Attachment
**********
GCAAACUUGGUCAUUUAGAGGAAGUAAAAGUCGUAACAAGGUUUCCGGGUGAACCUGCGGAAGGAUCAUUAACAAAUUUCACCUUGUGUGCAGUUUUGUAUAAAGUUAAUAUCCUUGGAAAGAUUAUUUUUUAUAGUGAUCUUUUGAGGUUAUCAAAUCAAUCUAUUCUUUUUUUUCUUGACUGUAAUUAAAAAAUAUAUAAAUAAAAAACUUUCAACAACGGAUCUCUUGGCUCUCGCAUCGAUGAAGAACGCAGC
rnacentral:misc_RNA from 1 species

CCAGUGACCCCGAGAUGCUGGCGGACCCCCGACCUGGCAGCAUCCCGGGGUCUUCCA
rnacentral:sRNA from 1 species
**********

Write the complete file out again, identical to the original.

GCAAACUUGGUCAUUUAGAGGAAGUAAAAGUCGUAACAAGGUUUCCGGGUGAACCUGCGGAAGGAUCAUUAACAAAUUUCACCUUGUGUGCAGUUUUGUAUAAAGUUAAUAUCCUUGGAAAGAUUAUUUUUUAUAGUGAUCUUUUGAGGUUAUCAAAUCAAUCUAUUCUUUUUUUUCUUGACUGUAAUUAAAAAAUAUAUAAAUAAAAAACUUUCAACAACGGAUCUCUUGGCUCUCGCAUCGAUGAAGAACGCAGC
rnacentral:misc_RNA from 1 species

CCAGUGACCCCGAGAUGCUGGCGGACCCCCGACCUGGCAGCAUCCCGGGGUCUUCCA
rnacentral:sRNA from 1 species